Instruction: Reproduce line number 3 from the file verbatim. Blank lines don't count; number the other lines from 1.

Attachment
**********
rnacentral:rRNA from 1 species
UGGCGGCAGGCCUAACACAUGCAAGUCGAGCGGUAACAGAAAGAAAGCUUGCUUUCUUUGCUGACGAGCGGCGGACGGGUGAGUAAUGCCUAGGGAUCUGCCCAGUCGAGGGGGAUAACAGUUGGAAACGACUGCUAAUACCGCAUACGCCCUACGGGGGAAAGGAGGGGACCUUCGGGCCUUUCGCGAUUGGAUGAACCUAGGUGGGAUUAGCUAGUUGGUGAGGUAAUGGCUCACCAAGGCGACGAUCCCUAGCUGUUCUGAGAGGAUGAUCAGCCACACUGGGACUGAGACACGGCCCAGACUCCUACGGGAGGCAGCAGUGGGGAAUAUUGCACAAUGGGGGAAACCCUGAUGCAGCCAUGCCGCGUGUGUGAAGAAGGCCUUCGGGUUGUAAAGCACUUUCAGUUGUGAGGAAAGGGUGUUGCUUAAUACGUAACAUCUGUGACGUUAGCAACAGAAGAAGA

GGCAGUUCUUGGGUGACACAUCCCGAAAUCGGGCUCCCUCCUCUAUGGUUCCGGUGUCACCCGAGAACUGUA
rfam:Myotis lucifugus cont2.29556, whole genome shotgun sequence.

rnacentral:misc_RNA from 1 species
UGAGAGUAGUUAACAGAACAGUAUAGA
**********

GGCAGUUCUUGGGUGACACAUCCCGAAAUCGGGCUCCCUCCUCUAUGGUUCCGGUGUCACCCGAGAACUGUA